7. Road Signs WWII Italy (35611) 1:35 MiniArt via Creative Models Ltd During WWII many road signs were removed in case of invasion to hamper the exploits of the invading forces and slow them down while they decided where they were. When substantial military activity was underway, the need to know where you’re going arises, so any signs removed need replacing if you're attempting to marshall your troops, and new ones are required to stop your men and materiel from becoming lost. This set is full of signs of this nature, and includes military signs to guide their tro
  8. Musical Instruments (35622) 1:35 MiniArt via Creative Models Ltd Humans are a creative species, as well as a destructive one. We’ve been making music since prehistory and with our penchant for using tools, we’ve been making instruments for just about as long. This set is brim-full of instruments, and contains enough to make an orchestra, although it would be a fairly odd one. It arrives in a shrink-wrapped end-opening figure box, and inside are two identical sprues in grey styrene, plus a small piece of white paper with sheet music printed on it for you to cut
  9. Focke Wulf FW C.30A Heuschrecke Late Prod (41018) 1:35 MiniArt via Creative Models Ltd There was a time when the Autogyro was looked at with great promise but the never materialised, The Avro licence built the Cierva C.30 designed by Juan de la Cieva. This was built from the fuselage of the Avro Cadet biplane and used an Armstrong Siddeley Genet Major engine. Lift was provided by an 11.3m diameter 3 bladed rotor. In Germany the Air Ministry thought as well that the Autogyro was the future for aviation. These were produced under licence by Focke Wulf using the AV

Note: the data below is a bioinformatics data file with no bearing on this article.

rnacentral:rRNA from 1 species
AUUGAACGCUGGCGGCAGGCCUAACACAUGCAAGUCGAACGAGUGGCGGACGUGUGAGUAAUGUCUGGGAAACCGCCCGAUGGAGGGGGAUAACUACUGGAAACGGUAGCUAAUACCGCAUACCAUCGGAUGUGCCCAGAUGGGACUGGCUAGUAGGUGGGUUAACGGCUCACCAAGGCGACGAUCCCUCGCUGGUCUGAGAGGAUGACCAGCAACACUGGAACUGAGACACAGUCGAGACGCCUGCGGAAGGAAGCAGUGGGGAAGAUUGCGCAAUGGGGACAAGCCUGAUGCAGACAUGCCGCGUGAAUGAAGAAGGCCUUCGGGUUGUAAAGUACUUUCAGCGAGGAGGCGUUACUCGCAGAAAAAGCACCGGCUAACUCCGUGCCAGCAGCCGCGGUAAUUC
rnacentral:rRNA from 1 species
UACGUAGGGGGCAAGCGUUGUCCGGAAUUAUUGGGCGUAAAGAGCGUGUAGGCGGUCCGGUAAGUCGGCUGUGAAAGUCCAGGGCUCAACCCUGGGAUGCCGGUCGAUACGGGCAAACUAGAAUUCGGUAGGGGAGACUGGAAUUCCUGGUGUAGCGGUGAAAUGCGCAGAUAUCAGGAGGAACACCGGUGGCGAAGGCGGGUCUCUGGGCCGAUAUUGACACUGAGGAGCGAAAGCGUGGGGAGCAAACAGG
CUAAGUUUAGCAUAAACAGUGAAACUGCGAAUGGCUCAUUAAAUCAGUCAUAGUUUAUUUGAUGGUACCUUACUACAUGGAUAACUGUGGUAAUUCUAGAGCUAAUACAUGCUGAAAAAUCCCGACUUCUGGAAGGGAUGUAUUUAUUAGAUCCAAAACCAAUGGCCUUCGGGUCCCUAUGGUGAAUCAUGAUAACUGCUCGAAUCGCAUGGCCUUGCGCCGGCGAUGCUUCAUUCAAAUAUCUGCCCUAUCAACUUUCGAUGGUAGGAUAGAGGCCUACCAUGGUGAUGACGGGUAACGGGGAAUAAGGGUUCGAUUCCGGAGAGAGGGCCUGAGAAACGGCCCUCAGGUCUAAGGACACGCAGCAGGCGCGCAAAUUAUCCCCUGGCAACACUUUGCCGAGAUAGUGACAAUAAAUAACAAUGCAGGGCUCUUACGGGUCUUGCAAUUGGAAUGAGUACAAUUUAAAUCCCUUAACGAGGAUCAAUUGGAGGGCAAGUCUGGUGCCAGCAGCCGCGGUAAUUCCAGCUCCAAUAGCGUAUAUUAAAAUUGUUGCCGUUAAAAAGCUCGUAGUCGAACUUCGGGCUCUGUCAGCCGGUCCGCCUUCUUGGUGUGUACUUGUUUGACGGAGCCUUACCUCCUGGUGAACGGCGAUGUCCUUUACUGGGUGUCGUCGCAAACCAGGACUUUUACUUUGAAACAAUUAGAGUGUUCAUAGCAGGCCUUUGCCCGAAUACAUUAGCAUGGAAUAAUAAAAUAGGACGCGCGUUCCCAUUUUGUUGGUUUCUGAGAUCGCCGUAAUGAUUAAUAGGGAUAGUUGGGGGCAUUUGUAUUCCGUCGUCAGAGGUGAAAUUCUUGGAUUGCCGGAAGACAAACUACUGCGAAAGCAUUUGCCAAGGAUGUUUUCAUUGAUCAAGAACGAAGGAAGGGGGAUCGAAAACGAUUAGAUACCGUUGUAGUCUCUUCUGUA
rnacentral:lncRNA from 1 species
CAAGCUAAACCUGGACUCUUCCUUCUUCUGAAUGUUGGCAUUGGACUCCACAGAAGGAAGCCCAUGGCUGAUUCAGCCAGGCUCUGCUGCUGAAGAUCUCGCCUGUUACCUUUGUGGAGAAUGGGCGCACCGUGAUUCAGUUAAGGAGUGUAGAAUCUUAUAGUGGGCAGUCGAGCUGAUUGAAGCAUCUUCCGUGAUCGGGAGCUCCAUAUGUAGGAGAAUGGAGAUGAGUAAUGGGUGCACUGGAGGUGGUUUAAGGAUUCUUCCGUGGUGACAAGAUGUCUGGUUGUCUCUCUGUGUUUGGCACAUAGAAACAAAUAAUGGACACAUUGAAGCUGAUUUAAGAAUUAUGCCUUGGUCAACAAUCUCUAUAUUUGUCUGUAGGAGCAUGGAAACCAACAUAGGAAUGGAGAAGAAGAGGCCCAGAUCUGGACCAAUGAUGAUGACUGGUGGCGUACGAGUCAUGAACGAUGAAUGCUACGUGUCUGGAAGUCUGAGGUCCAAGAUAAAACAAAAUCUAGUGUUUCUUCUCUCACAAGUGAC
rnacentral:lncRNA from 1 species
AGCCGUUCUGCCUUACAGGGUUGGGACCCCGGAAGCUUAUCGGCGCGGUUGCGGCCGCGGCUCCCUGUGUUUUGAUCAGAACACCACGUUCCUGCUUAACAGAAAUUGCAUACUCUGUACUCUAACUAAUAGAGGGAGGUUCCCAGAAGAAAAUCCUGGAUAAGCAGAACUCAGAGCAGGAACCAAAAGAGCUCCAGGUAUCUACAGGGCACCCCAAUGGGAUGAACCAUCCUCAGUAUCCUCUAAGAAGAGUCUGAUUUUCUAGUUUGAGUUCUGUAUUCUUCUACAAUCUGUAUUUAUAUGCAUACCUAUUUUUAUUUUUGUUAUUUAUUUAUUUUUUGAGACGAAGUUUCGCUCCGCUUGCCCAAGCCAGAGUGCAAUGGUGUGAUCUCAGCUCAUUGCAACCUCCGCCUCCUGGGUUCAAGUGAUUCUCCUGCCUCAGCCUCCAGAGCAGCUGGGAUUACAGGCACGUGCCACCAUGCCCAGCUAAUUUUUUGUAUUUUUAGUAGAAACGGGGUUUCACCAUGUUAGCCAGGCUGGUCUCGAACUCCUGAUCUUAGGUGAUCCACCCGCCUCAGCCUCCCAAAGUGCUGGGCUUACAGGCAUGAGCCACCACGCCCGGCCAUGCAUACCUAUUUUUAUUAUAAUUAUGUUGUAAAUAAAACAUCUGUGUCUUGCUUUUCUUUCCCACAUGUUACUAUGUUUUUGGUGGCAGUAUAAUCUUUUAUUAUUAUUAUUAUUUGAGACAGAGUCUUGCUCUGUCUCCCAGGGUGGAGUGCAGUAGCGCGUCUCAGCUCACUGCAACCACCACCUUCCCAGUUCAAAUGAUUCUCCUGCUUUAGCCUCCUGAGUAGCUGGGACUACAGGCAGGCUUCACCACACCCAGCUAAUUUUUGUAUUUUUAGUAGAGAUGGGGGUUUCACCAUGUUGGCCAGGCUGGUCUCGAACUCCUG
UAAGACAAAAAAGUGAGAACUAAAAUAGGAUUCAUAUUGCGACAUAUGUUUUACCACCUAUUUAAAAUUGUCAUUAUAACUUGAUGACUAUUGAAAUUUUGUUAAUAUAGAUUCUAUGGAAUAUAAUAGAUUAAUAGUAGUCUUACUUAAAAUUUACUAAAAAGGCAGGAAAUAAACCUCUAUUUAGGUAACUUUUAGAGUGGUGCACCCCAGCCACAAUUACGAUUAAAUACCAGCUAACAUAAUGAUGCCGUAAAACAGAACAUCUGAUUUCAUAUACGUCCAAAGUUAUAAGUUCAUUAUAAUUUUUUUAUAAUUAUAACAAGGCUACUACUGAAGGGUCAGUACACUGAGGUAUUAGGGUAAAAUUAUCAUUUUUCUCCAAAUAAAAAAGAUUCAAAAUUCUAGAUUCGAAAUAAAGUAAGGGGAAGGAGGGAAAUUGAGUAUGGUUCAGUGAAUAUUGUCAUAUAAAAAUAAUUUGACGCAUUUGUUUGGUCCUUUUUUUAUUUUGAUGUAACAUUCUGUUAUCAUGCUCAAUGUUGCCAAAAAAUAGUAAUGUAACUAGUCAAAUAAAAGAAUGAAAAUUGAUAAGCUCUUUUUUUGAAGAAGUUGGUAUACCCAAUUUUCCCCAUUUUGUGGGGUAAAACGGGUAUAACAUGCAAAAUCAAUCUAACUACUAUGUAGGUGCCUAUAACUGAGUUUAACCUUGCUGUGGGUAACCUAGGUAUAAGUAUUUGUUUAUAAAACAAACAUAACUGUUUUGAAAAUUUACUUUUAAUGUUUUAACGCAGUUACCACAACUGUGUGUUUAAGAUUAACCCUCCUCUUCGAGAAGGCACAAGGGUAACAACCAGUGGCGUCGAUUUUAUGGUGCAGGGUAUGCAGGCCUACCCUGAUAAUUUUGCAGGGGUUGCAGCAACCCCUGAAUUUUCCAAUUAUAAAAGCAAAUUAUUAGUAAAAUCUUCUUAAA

10. T-34/85 Composite Turret #112 Plant, Summer 1944 (35306) 1:35 MiniArt via Creative Models Ltd The T-34 was Stalin's mainstay medium tank that was produced in incredible volume by sometimes crude and expedient methods, to be thrown into the fray against the numerically inferior German tanks on the Eastern Front. The designers combined a number of important advances in design such as sloped frontal armour, wide tracks to spread the load, and the ability to cope with the harsh Russian winters without freezing to a halt, which was a problem that affected the Germans b
  11. German Delivery Car Type 170V (35297) 1:35 MiniArt via Creative Models Ltd The Mercedes 170 was based upon their W15 chassis, which was their first with all-round independent suspension, and was available as a bare chassis for coachbuilders, as a saloon, cabriolet or as a light van, debuting in the early 30s with sales affected by the worldwide depression that started in Wall Street. Sales picked up after the recession eased, and later versions had internal boot/trunk-space and sleeker lines, moving with the times. As well as sharing a chassis with th
  12. Welders (38039) 1:35 MiniArt via Creative Models Ltd The introduction of welded seams on metal structures happened because the joints were stronger and lighter than the riveting methods previously used, and the job could be done quickly and more cost-effectively into the bargain. For deconstruction, similar gear can be used to rapidly cut metal apart for scrapping or recycling. The torches use gases mixed together to create an incredibly hot flame that melts metal in seconds or less, with the most well-known method being oxy-acetylene, which is clearly a mixture